Have you recently gotten an e-mail with this subject line: “Thanks for being on time! Here’s 50% off 10 rides”?
No? Well stop making your driver wait for you.
Over the last couple months, I have found myself waking up on Monday morning, checking my email and seeing this nice little present from Uber. Unfortunately, this “token of appreciation” is doing more harm than good for Uber. And Uber is not the only company guilty of this; companies across a variety of industries are making the same mistake.
Whether it’s 50 percent off my next 10 Ubers or my bi-weekly 40-percent-off emails from Banana Republic, companies are continuously reaching for the lowest hanging fruit (AKA easiest program to implement)in an attempt to drive in revenue, all the while killing the brand tree the fruit is grown on.
Let’s walk through the process of how this discounting approach hurts companies and their brands. For the next 10 rides, I enjoy the fruit of my promptness. Trips that would normally have cost me $20 or $25 dollars are now $10-12.50 and I feel on top of the world. But then trip 11 hits. That $10 trip is now back up to $20 bucks and I hesitate to order the car. For $10 I was willing to skip the dread of the New York City Subway, but my Uber price has just doubled, so I can take the subway or even walk…
As I refresh my Uber App hoping the price has decreased, my mind is focused on how the price of this ride was just $10 yesterday. This is what psychologists call the Anchoring Effect. When applied to this scenario, the price we initially see or become used to effects our perception of future prices. I no longer want to pay full price for an Uber that is 5 minutes away when I can walk, take the subway, or hop into one of 20 yellow cabs flying past me. Coupon discounts do something extremely similar. We can all name three to four brands we would never pay full price for because we know that if we wait a couple of days, we are guaranteed to receive a discount offer.
Discounting might drive revenue in the short term, but the long-term implications are numerous.
- Discounting dilutes the perception of the brand. While not all companies or brands can say they are a luxury offering, the longer the company can hold out on discounting the better, because they won’t be unnecessarily cutting into their own profit margin.
- Discounting trains the customer to wait for e-mails, and fails to encourage customers to proactively shop or use the company’s service during non-discounted times.
- It causes customers to think the company’s ‘everyday prices’ are hyper inflated to adjust for these discount and promotional offers.
- Ultimately the company is providing a discount on its retail price when the company could be discounting off the wholesale price (I’ll explain below)
There are two alternatives for companies like Uber to escape the discounting and anchoring traps:
- Switch to a model that discounts on the wholesale price of an item, rather than the retail price. Instead of giving me 50 percent off my next 10 rides, Uber (or any business) can create a digital punch card. After five, seven, or 10 rides, my next ride is free. I continue to pay full price for my rides, but there is a reward at the end. Think about your favorite frozen yogurt shop. They get me to come in 10 or 12 times before giving me my next one free (capped to a certain price, to avoid abuse of the reward). When I finally earn my free FroYo, I am getting something that cost the store almost nothing, but damn does it feel good to cash in that punch card!We can use the FroYo example to prove how a punch card approach makes a company more money. Imagine that Roy’s Yogurt sends you an email that says enjoy 20 percent off your next 10 purchases. Every time you go to Roy’s Yogurt shop you spend exactly $7 on FroYo. With that 20 percent discount applied 10 times, Roy’s $70 has now become approximately $56. If Roy had instituted some kind of punch card rewards system, he would have generated the $70 from the 10 sales and given away maybe $1 worth of wholesale cost of goods of FroYo on the 11th visit.There are numerous paths a business can take with the wholesale discount, but as long as it isn’t discounting a retail price, it is in better shape than it was before!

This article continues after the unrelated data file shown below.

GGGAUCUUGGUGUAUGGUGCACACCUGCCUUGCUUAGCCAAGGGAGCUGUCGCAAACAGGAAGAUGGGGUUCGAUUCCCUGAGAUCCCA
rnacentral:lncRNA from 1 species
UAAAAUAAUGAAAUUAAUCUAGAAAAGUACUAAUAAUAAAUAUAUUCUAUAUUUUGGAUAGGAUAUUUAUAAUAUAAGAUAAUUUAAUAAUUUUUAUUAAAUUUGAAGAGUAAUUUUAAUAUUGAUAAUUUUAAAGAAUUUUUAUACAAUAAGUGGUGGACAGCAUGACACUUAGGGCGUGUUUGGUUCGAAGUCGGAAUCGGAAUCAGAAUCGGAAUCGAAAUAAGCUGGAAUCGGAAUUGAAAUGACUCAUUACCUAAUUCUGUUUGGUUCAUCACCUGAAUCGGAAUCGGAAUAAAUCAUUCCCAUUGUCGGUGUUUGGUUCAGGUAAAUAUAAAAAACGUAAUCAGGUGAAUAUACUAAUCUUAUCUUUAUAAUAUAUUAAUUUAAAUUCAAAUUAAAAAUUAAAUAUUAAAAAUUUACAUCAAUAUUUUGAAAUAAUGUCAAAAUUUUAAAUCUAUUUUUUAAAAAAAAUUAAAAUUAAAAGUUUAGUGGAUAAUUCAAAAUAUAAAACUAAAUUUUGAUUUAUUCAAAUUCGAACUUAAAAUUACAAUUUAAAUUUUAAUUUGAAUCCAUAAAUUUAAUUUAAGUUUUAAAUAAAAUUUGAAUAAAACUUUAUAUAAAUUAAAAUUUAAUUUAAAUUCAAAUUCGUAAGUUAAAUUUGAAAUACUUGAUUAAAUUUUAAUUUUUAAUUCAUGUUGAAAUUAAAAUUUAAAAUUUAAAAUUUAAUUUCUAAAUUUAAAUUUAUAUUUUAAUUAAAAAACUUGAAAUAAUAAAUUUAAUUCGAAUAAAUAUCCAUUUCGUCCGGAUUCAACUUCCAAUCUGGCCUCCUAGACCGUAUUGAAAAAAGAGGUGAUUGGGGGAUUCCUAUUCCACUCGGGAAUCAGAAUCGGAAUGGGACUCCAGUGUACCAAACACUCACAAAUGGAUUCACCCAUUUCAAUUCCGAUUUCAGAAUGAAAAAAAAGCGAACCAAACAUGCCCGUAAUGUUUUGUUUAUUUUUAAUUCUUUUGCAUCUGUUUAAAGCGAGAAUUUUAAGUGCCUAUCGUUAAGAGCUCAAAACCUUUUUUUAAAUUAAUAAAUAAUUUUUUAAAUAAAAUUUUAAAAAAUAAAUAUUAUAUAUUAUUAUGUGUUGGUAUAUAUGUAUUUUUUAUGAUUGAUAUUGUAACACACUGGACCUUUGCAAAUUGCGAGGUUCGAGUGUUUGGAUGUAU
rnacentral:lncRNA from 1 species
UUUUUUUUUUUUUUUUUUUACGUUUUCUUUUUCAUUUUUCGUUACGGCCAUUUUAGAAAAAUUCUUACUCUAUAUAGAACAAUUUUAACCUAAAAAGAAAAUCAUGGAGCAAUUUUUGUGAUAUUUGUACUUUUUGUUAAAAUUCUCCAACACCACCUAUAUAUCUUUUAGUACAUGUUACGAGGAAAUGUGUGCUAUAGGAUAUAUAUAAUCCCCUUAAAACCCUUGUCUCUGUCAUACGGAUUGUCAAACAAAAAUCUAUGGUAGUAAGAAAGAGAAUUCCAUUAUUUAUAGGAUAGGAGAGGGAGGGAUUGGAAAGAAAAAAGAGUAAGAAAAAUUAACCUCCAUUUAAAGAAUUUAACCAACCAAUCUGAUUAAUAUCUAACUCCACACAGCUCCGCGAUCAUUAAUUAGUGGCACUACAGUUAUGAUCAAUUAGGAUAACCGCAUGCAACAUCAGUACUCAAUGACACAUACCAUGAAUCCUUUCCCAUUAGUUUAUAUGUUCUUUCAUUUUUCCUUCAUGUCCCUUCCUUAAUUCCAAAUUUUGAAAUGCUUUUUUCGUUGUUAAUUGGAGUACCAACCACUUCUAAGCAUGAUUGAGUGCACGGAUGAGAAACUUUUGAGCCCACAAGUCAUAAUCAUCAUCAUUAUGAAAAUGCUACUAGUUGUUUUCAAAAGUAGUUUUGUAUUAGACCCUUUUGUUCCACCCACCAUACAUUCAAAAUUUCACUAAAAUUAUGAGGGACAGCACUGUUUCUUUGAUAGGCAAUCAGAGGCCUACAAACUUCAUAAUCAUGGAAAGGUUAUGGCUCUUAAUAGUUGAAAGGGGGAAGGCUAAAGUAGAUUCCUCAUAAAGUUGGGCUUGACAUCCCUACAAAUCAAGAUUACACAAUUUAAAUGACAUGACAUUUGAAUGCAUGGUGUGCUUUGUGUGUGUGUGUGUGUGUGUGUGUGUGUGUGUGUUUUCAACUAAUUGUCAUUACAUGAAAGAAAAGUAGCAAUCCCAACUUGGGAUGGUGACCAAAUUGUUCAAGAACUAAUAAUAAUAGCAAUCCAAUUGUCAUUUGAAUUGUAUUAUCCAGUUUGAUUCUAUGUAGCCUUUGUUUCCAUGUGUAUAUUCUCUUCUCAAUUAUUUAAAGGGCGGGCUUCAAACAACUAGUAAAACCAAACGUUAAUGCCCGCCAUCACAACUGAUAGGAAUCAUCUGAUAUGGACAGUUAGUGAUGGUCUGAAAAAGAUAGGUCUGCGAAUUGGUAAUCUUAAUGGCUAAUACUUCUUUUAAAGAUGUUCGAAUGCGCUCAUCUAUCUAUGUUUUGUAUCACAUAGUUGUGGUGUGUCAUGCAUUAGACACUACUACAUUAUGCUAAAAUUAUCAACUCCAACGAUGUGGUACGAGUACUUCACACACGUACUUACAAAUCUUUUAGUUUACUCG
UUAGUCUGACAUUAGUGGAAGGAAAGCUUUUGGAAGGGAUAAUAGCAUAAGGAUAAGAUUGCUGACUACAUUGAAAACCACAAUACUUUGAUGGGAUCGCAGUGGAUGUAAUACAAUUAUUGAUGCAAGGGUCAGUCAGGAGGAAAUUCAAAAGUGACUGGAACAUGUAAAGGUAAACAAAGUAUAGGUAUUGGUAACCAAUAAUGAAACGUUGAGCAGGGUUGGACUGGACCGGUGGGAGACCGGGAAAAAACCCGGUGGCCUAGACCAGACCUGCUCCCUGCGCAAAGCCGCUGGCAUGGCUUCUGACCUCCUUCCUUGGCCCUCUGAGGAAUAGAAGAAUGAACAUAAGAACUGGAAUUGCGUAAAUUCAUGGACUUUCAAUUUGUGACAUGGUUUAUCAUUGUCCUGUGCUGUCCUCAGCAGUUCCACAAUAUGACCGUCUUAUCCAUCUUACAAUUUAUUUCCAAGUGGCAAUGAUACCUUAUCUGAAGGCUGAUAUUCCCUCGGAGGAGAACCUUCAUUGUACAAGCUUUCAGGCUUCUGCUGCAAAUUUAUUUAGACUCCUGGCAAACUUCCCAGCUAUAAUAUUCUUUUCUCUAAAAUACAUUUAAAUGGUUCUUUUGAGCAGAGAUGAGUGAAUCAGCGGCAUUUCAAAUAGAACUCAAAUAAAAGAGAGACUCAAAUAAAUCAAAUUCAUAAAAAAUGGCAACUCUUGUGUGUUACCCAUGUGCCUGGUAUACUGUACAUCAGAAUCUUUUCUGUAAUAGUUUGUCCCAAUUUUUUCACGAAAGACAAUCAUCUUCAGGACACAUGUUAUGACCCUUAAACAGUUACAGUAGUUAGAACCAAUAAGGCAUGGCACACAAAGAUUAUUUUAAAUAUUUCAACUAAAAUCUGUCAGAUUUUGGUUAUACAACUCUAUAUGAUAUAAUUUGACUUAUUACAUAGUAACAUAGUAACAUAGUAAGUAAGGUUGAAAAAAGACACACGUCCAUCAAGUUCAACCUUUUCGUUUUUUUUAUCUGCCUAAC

- Make the brand and company something people are willing to pay full price for. Everyone has a product or company that they are loyal to. Whether it is the quality of the product or the customer support and post-purchase love provided, people are willing to pay full price because they feel that it is worth it. Companies have to continuously strive to differentiate themselves from the competition. If not, Amazon will just gobble them up.
Ultimately, coupons and discounts are the cheap and easy trick that should be the last resort for companies and marketers. The playbook when it comes to discounting should always be the following:
- Build a brand people will always want to pay full price for
- If it comes time to discount, don’t discount the retail price; it’s better to give away an item for free and eat the wholesale cost, than it is to begin the process diluting your retail prices.